it’s not happened often, but every once in a while, a boy runs out of gas. tank drained. big empty. not one ounce left.
and so, you tuck the boy in bed. even when he’s longer than the old twin bed. even when his past-noon* feets dangle over the edge.
you tuck him in and let him sleep and sleep and sleep.
you worry about his weary self. you check on him, from time to time, just as when he was a dimpled little boy. you touch his brow. and when you’re sure he’s in a deep, deep sleep, you kiss him on the stubbled cheek.
while he dreams the morn away, you wend your way to the butcher shop. you browse the steaks, the marbled slabs of muscle. you pluck one that’s on a bone.
you decide that in the hierarchy of mother’s magic potions, you are well beyond the need for oatmeal, you’ve climbed the charts to up where red meat looms. only cure that’s surer is one involving hypodermic needles. and needles make you queazy, so you stick to steak and its soul-restoring powers.
this is wise, because when you dare to rouse the sleeping man-boy, you have arsenal in your defense. you have new york strip to dangle.
why, you’ve seen the circus trainers do the same: dangle steak in front of cats, big cats, cats with killer teeth, to turn them into docile kittens.
not that any boy i know would growl or snarl or bite my head off. but when awaking worn-out, on-empty man-boy, i find a steak is handy.
and so on the edge of bed i sat, whispered words of red meat. i saw the smile spread across his lovely face. i saw the eyelids flutter open.
“if it’s too much,” i said, “we can go with oatmeal.”
ah, no, he answered rather sprightly. “au contraire. quite the opposite.” a steak, he said, was in his dreams.
but not just any steak: a mexican fried steak, was what he had in mind. so, with the click of that magic phone that coughs up all the answers, he typed in spanish words, came up with the abuela’s path to steak perfection, or in this case milanesas empanizada. that is, mexican fried steak.
with one swift leap, he was out of bed and down the stairs. he was talking bread crumbs, garlic, egg bath. red meat. meat so red i swear it moo’d.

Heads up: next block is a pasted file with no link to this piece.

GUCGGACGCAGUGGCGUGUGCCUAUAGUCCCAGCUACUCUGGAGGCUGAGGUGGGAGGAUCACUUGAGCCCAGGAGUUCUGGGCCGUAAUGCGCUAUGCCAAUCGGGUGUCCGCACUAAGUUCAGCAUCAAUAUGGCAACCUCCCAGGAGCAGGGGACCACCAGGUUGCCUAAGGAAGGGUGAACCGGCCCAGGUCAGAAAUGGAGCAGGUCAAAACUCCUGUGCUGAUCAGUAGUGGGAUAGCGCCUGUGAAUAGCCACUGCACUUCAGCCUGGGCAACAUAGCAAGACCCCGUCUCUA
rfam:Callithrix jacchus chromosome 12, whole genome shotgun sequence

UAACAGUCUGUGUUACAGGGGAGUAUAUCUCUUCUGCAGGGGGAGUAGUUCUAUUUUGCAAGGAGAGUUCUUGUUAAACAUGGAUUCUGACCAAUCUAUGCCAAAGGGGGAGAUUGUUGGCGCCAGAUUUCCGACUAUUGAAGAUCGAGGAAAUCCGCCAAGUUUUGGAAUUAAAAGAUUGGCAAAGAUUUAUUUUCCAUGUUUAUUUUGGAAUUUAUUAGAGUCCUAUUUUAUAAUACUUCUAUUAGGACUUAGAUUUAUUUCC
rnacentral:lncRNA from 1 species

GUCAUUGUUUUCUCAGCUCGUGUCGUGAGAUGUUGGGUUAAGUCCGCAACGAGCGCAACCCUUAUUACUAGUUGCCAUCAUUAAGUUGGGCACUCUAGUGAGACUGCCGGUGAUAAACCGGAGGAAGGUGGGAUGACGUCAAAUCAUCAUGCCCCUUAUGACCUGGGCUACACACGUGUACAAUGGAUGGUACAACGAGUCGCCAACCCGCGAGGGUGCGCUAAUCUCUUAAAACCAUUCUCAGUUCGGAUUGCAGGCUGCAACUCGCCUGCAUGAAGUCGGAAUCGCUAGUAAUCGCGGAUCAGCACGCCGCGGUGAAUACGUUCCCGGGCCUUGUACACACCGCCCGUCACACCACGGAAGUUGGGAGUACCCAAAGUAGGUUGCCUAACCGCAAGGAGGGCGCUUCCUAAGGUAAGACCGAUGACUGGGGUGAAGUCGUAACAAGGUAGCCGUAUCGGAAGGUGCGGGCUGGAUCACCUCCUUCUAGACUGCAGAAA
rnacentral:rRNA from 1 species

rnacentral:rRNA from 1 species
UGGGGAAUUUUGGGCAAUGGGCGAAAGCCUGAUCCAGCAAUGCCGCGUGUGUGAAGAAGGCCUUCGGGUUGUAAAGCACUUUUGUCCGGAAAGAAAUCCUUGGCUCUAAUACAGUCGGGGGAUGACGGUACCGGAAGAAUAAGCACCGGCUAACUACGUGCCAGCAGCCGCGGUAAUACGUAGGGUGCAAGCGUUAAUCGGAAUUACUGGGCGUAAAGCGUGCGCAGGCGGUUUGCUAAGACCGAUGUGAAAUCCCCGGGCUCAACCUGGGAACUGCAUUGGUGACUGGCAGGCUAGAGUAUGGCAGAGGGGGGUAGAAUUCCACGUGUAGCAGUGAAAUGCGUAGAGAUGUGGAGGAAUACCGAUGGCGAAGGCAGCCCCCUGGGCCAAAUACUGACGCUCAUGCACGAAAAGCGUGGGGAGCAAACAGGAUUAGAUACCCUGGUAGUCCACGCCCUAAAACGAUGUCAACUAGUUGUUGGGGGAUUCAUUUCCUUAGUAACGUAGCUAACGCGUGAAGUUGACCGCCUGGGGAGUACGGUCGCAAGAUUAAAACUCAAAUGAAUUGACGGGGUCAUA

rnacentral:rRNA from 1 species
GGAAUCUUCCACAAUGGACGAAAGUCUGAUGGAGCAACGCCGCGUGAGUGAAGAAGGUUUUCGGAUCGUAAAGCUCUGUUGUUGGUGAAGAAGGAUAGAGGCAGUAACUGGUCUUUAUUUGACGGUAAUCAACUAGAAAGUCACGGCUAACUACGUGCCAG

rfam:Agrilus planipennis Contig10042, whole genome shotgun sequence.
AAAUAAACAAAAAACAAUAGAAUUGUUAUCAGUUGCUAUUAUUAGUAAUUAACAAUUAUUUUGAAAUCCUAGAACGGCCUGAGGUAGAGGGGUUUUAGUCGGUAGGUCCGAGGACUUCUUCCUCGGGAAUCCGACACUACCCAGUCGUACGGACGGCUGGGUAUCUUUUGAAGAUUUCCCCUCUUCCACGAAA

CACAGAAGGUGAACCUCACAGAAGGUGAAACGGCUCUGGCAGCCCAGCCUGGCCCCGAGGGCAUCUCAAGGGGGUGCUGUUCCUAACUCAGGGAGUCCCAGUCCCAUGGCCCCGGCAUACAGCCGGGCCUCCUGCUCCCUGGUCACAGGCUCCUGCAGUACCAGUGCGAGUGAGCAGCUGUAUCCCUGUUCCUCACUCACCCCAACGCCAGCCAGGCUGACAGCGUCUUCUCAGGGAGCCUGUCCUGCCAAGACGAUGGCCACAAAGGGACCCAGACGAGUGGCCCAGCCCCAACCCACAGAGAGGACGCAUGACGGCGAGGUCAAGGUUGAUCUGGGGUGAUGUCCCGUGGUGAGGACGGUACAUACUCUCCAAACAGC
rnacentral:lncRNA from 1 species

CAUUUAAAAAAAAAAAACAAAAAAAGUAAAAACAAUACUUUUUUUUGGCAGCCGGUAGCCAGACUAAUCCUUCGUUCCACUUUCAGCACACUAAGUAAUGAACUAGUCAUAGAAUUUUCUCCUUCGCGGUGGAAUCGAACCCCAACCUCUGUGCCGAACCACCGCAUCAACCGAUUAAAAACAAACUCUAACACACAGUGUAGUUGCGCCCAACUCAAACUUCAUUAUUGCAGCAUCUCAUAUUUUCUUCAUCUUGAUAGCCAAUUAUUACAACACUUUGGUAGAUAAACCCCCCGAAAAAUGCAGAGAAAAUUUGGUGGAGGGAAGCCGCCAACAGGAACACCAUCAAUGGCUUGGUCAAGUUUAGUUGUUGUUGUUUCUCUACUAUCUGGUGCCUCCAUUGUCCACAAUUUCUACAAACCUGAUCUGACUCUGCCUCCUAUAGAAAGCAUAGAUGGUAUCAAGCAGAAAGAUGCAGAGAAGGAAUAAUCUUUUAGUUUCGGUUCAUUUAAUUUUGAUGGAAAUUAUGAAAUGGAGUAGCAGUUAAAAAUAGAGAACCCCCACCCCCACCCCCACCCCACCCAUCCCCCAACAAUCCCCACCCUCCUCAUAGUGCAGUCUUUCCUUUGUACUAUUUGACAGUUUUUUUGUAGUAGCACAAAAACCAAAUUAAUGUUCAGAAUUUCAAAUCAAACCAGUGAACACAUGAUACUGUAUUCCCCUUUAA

we put our little heads together, he and i: grabbed a loaf of challah. swiped off the shelf the dusty mini-processor, a chopping-blending whiz my adopted jewish grandma gave me once upon a time.
we splitzed in bread. we added cloves of garlic. we inhaled. we sighed aloud.
we cooked our way to cure. we shook in cumin, poured in salt, cracked pepper. for good measure we added a little packet of something called “milwaukee avenue steak seasoning,” a smoky rub named for a windy-city thoroughfare where you can’t help but stumble over steaks of every stripe and cut.
“it’ll be chicago mexican fried steak,” declared the sous chef, smiling down on me.
and so, through that alchemy that is the holy work of kitchens, with a little splitzing, the cracking of two eggs, and the bathing of that steak, first in yolky goop and then in silken challah-garlic-cumin-milwaukee crumbs (that sous chef dabbed on quite a blanket there of crumbs), we turned the noontime into one of pure true joy.
we were cooking side-by-side. we were laughing, leaping out of sizzling oil’s way. for that deeply adorned steak, what with its eggy under-garments, and its crumby top-dressing, it was dropped in pool of hot corn oil, and it was turning into resurrection breakfast, served at 12:15 on what would have been a schoolday, restoring life to the once-nearly lifeless.
i never cease to marvel at the powers that rise from stove or oven. how what goes on there truly fills our pores, our weary bones. and most of all the tickers deep inside.
by lunchtime’s end, as the man-boy rubbed the last red drop of beefy juice right off his plate, as he sipped the last of his orange juice, he was joyful once again. he was ready, one more time, to take a lap on the track called life.
i rinsed the plate. i put away the fixings.
and i whispered a thank-you prayer to the abuela who’d led us to the restoration grotto, where miracles come to those who wield the fry pan.
* “past-noon” referring to the size of a foot is a favorite family expression, coined by a state-street shoe salesman who once measured my husband’s size 13s and declared, “oh, you’re past noon,” meaning higher than 12s. we have loved that phrasing ever since. and now two of three boys around here are past noons. and one is approaching as swiftly as he can…
what foods in your arsenal hold the holy cure? for the days when those you love can barely make it from the bed? and why do you think the kitchen is one room that holds such mystic powers??
oh, because we’d never keep a cure from you, here’s abuela’s milanesas de res empanizadas, as translated from the original.
1 / 2 Kilo of beef for breading Steak (that’s just about a pound, people)
2 eggs Bread for breading (we used three-day-old challah)
(we added a dash of cumin, two cloves garlic, and a few shakes of milwaukee avenue steak seasoning, a heavenly smoky rub from the spice house in evanston, ill.)
for perfection, you want to toss bread, garlic, and seasonings into mini food processor. splitz, or blend, in pulses till the aroma makes your knees wobble, and you consider stuffing fistfuls straight to your mouth, skipping the steak altogether.
Season the steak with salt and pepper. (you’ll want two bowls: one for eggs, one for bread crumbs; this is a two-bowl process, although abuela won’t tell you so.)
The eggs are stirred well with a fork, and the steaks are passed in the egg, then go through the bread crumbs and fry very well on both sides. Served and garnished with lettuce, tomato slices, onion slices.
you feel better already, now don’t you?